* Any views expressed in this opinion piece are those of the author and not of Thomson Reuters Foundation.From creating more equity to preventing conflict, the 17 goals and 169 targets can be boiled down to a few transformations
There has been much talk of the Sustainable Development Goals (SDGs) and “transformation”. The notion that the SDGs must be capable of inspiring transformational change to deliver on the vision is widely accepted – and clearly correct given the level of ambition implied by many of the SDGs targets.
Famously there are 17 goals and 169 targets. The concern that this multiplicity is too diffused to inspire action has led to various attempts to capture the SDGs under one framing – whether that is ‘Agenda 2030’ or a narrative trope such as ‘leave no one behind’.
Transformation implies moving from one state to another radically different one. In order for transformations to be viable they need a driver – a political imperative necessary to overcome the huge political inertia of the status quo.
Given these conditions, how can we map transformational change to the SDGs?
It strikes me that there are neither 17 transformations nor one. There are five.
THE 5 CORE TRANSFORMATIONS
The first four transformational shifts discussed below are relatively well rehearsed. The question of the weight of the respective drivers is more interesting at this point.
Globally there are a set of changes or currents of change which threaten the implementation of the progressive global agreements of 2015.
These include growing national-level inequality, the clear and growing strength of populist political discourse (often veering into xenophobia), the shrinking of civic space in many countries, clearly visible over recent years to many of IIED’s partners, and a slowdown in global growth.
In the face of these headwinds, drivers of progressive change will need to be very strong.
I have already referred to the principle of universality – a transformation whereby our view of development is no longer about aid or other transfers to the poorest countries, but applies in all country contexts.
This is well rehearsed and something that some wealthy countries (e.g. Germany) have really taken to heart. The driver for this change is relatively simple – the extent to which in an increasingly interdependent world development is about global challenges.
The second transformation is in the core framing of the goal set – the theory behind it if you like, from human development in the Millennium Development Goals (MDGs) to sustainable development.
The big driver here is the climate crisis. Numerous studies show a clear acceleration in the speed and strength of both planetary warming and its negative effects.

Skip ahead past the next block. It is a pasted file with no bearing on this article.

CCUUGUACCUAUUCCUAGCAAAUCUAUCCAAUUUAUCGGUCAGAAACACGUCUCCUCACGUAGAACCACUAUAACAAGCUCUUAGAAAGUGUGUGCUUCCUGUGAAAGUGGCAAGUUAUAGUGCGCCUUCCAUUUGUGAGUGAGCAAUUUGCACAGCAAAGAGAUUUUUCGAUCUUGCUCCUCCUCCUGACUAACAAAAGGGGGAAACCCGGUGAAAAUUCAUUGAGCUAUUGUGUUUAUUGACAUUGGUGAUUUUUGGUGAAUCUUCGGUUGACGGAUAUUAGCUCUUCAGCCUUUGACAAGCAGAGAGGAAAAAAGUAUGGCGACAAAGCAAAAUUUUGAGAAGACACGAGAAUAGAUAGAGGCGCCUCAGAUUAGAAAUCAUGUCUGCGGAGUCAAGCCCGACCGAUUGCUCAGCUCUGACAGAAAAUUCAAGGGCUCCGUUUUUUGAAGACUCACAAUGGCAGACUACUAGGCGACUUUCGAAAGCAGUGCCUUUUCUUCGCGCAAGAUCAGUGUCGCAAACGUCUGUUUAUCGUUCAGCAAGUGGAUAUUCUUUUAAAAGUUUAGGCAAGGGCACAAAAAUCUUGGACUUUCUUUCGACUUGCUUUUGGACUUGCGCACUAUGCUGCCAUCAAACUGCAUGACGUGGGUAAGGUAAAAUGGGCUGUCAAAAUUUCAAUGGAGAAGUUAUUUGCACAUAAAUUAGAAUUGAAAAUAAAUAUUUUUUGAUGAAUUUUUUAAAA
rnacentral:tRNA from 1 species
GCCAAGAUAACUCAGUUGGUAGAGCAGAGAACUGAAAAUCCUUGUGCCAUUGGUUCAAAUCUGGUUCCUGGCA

There are of course many other issues in seeking a sustainable framework for advancing human well-being within planetary boundaries. But climate is the single most powerful potential driver.
However, its global character and the fact that the poor suffer more than the rich may reduce its purchase on national politics.
The third transformation is towards equity and away from rising inequality at the country level. The great driver here may be the fear of growing political populism and its toxic effects on the part of the elites that benefit from rising country-level inequality.
This is perhaps more salient for high-income Organisation for Economic Co-Operation and Development (OECD) countries than others. It may be a cliché that stable democracies require prosperity to be shared with a growing middle class but recent events (such as the UK’s self-destructive referendum vote to leave the EU) have certainly given that proposition strong new legs.
The regular press coverage of the pro-Brexit sentiment in areas of the UK ‘left behind’ by social and economic progress has had an eerie resonance of the SDG’s current primary mantra.
And the fourth transformation is in the area of the catch-all SDG 16 on governance – and involves powerful countries in particular becoming far more effective at acting to prevent large-scale conflict.
It is not hard to locate the driver here. The so-called ‘migration crisis’ of the last two years has put European institutions under immense stress. Not all of the people heading to Europe are fleeing conflicts, and not all conflicts can be attributed to foreign policy missteps or failures of action on the part of powerful countries.
But the big wins here would be in OECD countries becoming far more cognisant of conflict risk in the way they manage their outward relationships – and far more effective at handling the human fallout when conflict does occur.
The final over-arching transformation is at the level of national politics. Successful implementation of the SDGs requires recognising that we are now in an interdependent world where domestic and global spaces are not separable.
To maintain a progressive global stance will require attention to social inclusion at the national level. To protect human progress in any given country will require collective action between nations to ensure peace, prosperity and a liveable planet.
Achieving the transformation in national politics implied by the SDGs is the biggest challenge of all.
Andrew Norton is director of the International Institute for Environment and Development, based in London. He is an applied anthropologist who works to promote social and environmental justice.